Here is a book you will not forget in a hurry. Once I had begun reading it I could not stop till I had finished. I actually read it in June, but have held off from posting the review until it was published, or about to be -- I think it's due out tomorrow. But in fact it's just been announced as being on the Man Booker longlist, so everyone will now have heard of it and probably know what it's about.
In case you don't -- this is the story of five-year-old Jack, whose birthday it is when the novel begins. Jack lives with his beloved, and loving, mother in a room which, as we soon begin to discern, is not as other rooms. It is, in fact, a converted shed, locked and heavily armoured, without windows, and Jack has never been outside it. In fact he has no idea that there is a world outside. His mother is kept prisoner in there by a man whose name we never learn, and who Jack never sees, as his mother makes sure he is in his bed with the door closed before her captor makes his almost nightly visits. Food is brought, garbage is removed, occasional treats can be requested. There is a TV, though Jack is very much rationed as to how much and what he is allowed to watch. The days are spent doing lessons, doing exercises, cooking, and story telling. But Jack is growing up, and as the novel begins his mother makes a decision -- somehow or other she will enable Jack to escape and get help so that they can both return to the outside world. This is quite a task -- first Jack must become accustomed to the extraordinary idea that there is a world to escape to, and then he must be as brave and strong as any five-year-old can possibly be in order to carry out this very frightening and dangerous plan.
Emma Donaghue's writing of the novel was obviously heavily influenced by real life stories -- among them those of Elizabeth Fritzl, kept in a basement for 24 years by her rapist father, and Jaycee Lee Dugard , who reappeared last August in California having been kidnapped in 1991. One of the most fascinating and initially upsetting elements of Donaghue's novel is the way in which she depicts Jack's response to the outside world in which he ultimately finds himself, and evidently the Fritzl children reacted in much the same ways. But this is fiction, and Jack's story progresses in its own way. What the ultimate outcome is you will have to find out for yourself.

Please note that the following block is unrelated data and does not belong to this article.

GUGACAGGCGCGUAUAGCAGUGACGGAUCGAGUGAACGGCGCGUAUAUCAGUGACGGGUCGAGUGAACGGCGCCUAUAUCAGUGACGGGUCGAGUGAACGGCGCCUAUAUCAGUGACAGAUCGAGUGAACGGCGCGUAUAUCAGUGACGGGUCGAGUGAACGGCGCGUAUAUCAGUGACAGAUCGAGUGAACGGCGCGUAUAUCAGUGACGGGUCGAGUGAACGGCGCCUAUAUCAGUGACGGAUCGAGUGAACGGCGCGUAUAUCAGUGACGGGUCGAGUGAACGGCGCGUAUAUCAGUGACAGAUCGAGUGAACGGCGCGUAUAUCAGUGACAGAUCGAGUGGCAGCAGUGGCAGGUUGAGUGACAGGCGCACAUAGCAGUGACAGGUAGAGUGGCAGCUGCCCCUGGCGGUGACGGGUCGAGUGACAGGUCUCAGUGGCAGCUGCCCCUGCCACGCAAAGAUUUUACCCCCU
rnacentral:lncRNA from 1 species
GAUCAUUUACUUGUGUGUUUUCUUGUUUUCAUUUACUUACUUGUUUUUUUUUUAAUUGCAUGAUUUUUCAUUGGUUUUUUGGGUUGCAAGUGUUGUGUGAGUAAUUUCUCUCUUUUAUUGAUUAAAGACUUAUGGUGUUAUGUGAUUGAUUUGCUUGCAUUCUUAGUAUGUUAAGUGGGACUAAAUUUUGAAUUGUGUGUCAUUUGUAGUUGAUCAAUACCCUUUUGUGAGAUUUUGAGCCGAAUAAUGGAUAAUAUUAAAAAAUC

I don't know if this will make the Booker shortlist or win the prize. I found it quite hard to read and impossible to put down, simultaneously, if that makes sense. Jack's language is very much his own, clearly an imaginative invention of Donaghue's, and I found it rather hard going. But the story is an extraordinary and extremely moving one, and of course made all the more so by the fact that we know of so many similar cases.
I know lots of other people will be reading this and writing about it over the coming days and weeks and I will be really interested to see what others think.
After I reviewed Rosy Thornton's delightful novel The Tapestry of Love last week, I found the novel stayed in my mind and there were lots of questions I wanted to ask Rosy. So I did! and she was kind enough to answer them. Here they are, with her replies. Thanks again, Rosy.
people know that you are a law lecturer in Cambridge. What made you want to
start writing novels?
It was something of a Damascus road experience, because it
had never crossed my mind to try writing fiction until I was in my forties. In
2004 I watched the BBC’s adaptation of Elizabeth Gaskell’s North and South and loved it. Via the BBC drama messageboard I found
my way to a website where people were posting Gaskell ‘fanfic’, and decided to
give it a try myself. A few months later I found I had written a novel-length
pastiche sequel to North and South!
It was utter tosh, of course – but by then I had caught the writing bug, and